Fear and loathing on the Maastricht trail: The Balkans impasse and economic fall-out from Germany are mocking appeals to European unity. Andrew Marshall explains why the French are saying 'non'

EXPLAIN and convince: that was the task Francois Mitterrand set himself last week as the President of the French Republic pitched himself into the battle over the Maastricht treaty, which is to be the subject of a referendum on 20 September. It is a tough task.

For the benefit of French voters, a remarkable debate is being held across the country. But it is illuminated, like a slide-show lecture, by images from across the continent of conflict and economic instability. Europe is hovering on the brink of a dozen crises.

The French 'yes' campaign is trying to capitalise on what has always been seen as the European Community's strength: its ability to deliver peace and prosperity. When Mr Mitterrand met Helmut Kohl, the German Chancellor, last week, they sought to show how vital Maastricht is for security. 'The European Community is the best chance we have of sheltering all our members from war,' the President said.

But flickering pictures of artillery bombardments tearing apart Sarajevo undercut that. To the dismay of the French government, the role of the EC in stopping the killing in the former Yugoslavia has been ramshackle.

'The Maastricht treaty is the contractual base that will enable us to build a solid European roof,' Mr Kohl said. 'When we see the images of terror from Yugoslavia, we must understand that our only future is with Europe.' But the opposite case has been put by the 'no' campaigners, who argue that the EC is not the right framework.

The enduring triumph of European integration since the Second World War has been France's rapprochement with Germany. Now the Germans and the French are tied together: their economies, their societies and their politicians. This was the image presented last week, when Mr Kohl and Mr Mitterrand went for a walk on the beach on Borkum Island, swept by the winds of the North Sea. It is the reason why Mr Mitterrand wants Mr Kohl to participate in a debate on French television.

But Germany's economic problems, which brought the European Monetary System to the point of crisis last week, are probably more prominent in most people's minds than the triumph of Franco-German co-existence.

In the EC, prosperity is supposed to be the other side of the coin to peace. But again, it is hard to square the rhetoric of the campaign with the reality. Unemployment is soaring in France and reached record levels in June, nearly 3 million.

With these arguments so ambivalent, the 'yes' campaign's rhetoric looks empty to many voters. Laurent Fabius, a leading Socialist, said last week: 'If the 'yes' wins, Europe will progress. If the 'no' wins, Europe will fall back.' That, however, was the spur Danish politicians used in their ill-fated referendum. It failed; and the Danish people were suprised to discover, the day after they rejected Maastricht, that the sky did not fall.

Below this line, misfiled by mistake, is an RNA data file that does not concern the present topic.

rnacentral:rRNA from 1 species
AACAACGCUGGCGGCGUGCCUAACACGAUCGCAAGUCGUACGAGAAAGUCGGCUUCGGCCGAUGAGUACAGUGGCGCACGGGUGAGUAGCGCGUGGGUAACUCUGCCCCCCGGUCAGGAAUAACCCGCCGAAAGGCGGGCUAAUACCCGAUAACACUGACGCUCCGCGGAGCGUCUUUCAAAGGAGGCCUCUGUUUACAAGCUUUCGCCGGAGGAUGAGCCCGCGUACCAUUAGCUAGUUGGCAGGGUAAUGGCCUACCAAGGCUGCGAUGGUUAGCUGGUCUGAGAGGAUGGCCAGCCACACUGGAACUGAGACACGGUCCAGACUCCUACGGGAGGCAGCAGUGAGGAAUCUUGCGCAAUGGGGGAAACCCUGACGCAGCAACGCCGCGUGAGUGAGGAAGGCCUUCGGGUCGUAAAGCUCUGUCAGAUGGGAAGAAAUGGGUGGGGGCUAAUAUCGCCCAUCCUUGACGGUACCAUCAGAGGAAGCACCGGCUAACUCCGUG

Something similar may be happening in France. One opinion poll found that more than half of those questioned said the Europe of Maastricht made them fear the future, that they were unhappy about the 'defence of people's interests' and believed most French people would suffer as a result of the treaty. And, as in Denmark, the 'no' campaign is making clear it is not opposed to Europe, merely to the treaty. Philippe Seguin, a leading opponent of Maastricht, said the 'no' campaigners 'are not hostile to the construction of Europe, but are hostile towards a technocratic Europe which casts doubt on some areas of French sovereignty'.

History has been drafted into the campaign. The European Parliament's Socialist group has printed postcards showing French figures who they say 'would vote yes'. 'After the disappearance of my system,' wrote Napoleon, 'I don't think it will be possible to have a well-balanced Europe which is not the agglomeration and confederation of great peoples.'

'Europe is not just the future, it's an old French tradition,' the Socialists said. But the images on television, on the streets, in the newspapers seem to hint that Europe is not even the future.

Fear, money, peace, history; they will all be used as weapons in the debate. But the blunt truth is that the French have yet to be convinced. Opinion polls show the 'yes' and 'no' vote evenly balanced; they also show the number of those intending to abstain, or who do not know which way they will vote, at around 40 per cent.

'We had to make Europe something everyone, not only politicians and specialists, talked about,' Mr Mitterrand said last week. 'It is important to make something out of Europe that is dear to people's hearts.' In the Fifties, the heyday of European integration as a popular movement, French and German students organised demonstrations of solidarity. The reality now is that France is inextricably tied in to the rest of Europe; but love will not keep Europe together, and it is starting to look as if fear may tear it apart.

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